01/10/1927 - 09/03/2019
Ginny Williams, Art Collector and Gallery Owner, Passes Away at 92.
Ginny Lee Williams, longtime resident of Denver, Colorado, passed away Tuesday, September 3rd, 2019. She died peacefully at her home, surrounded by her children and loved ones. She was 92 years old. Widely known in Denver Art Circles and both the National and International Contemporary Art Communities, Ginny's passion for Life, Love of Art and unquenchable curiosity touched the lives of countless people.
Ginny was born in rural Orange County, Virginia in 1927, the middle child of 3. Raised and educated during the Great Depression by a single mother widowed by tuberculosis, Ginny's larger than life persona, fearlessness and exuberance for life were obvious from a very young age. After earning her bachelor's degree in English at Mary Washington College, Ginny moved West to Cheyenne, Wyoming to become a High School English teacher. This is where she would meet and marry Carl Williams, a cowboy turned fighter pilot with a law degree and big business dreams. Together they and their friends commercialized the cable industry in the United States. She has called Denver home ever since.
In her early 50's she went through a renaissance in her life pushing the boundaries of her physical limitations, exploring Outward Bound programs and decided to go back to school in order to complete her Masters in Art History at Colorado Women's College. For as long as anyone can remember Ginny was never seen without a camera hanging over her shoulder so it was a natural next step to open a photography gallery in Denver. Her love of photography quickly evolved into a passion for contemporary art and so she opened the iconic Ginny Williams Gallery. Known for its locked doors and astonishing display of contemporary masterpieces, the low- profile black building at 3rd and Fillmore evolved into an enigmatic preeminence exceeded only by that of the owner herself. Those doors were not always locked and Ginny gained prominence in the contemporary art community in Denver during the 80's and 90's, hosting many large openings in her gallery that brought patrons and artists together. During this period she also joined the board of trustees at the Denver Art Museum.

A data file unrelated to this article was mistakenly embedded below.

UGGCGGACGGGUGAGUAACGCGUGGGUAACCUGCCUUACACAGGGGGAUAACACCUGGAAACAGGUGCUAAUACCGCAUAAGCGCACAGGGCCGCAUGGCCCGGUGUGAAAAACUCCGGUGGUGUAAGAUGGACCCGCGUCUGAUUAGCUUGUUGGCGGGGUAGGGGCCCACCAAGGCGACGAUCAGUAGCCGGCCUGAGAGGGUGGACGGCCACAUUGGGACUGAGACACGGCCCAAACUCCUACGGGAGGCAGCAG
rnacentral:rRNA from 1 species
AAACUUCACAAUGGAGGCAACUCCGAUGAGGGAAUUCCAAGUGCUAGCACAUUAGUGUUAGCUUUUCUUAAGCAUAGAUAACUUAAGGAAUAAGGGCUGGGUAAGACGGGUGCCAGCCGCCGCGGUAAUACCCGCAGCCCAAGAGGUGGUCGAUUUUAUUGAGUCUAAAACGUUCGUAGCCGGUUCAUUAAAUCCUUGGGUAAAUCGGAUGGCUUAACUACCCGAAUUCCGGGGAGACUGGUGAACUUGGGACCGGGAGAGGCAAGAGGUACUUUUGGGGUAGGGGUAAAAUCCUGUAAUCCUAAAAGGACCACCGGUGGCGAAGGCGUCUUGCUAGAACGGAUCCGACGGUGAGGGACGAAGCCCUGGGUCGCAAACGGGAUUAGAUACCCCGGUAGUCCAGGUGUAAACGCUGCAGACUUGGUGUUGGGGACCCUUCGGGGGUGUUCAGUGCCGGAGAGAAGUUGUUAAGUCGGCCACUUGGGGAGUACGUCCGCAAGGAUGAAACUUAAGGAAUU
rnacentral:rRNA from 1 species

As Ginny's operations inevitably gravitated to New York and beyond, she became active on the boards of several major art institutions, including the Guggenheim in New York and Washington's Hirschhorn museum, a branch of the Smithsonian. The one-time farm girl called New York's Carlyle Hotel her home away from home and yet always recognized Denver as her heart's favorite, where her Donald Judd-inspired glass house on Denver's Cranmer Park stands in glorious defiance of the traditional structures it effortlessly eclipses.
Ginny defied categorizations as fast as they were applied: flamboyant, eclectic, exuberant, free-spirited, outspoken, self-entitled, eccentric - the one constant was her defiance of convention and all these trades were held in perfect counterpoise by her natural humility, sentimentality, and Southern charm. Only one thing superseded Ginny's love for art and that was her complete devotion to her family and friends. Ginny will long be remembered for her malapropisms and aphorisms, delivered with Southern drawl that stubbornly defied 6 decades of Denver living. A sample includes: "I was born in Virginia, that means I was born entitled." And the sage "...I just don't get why we have to die."
Ginny is survived by her daughter, Elle Williams, her son Michael Williams and her three grandchildren Michael Hopkins, Cody Heselton and Lee Heselton.
Memorial services will be held at 2pm Saturday September 14th, 2019, at Fairmount Cemetery's main Chapel, 430 S Quebec St., Denver Colorado 80247, ph. 303-399-0692, to be followed by interment close to the Chapel.
In lieu of flowers the family is requesting donations be made to the Council for Art Education in Ginny's memory: http://councilforarteducation.org/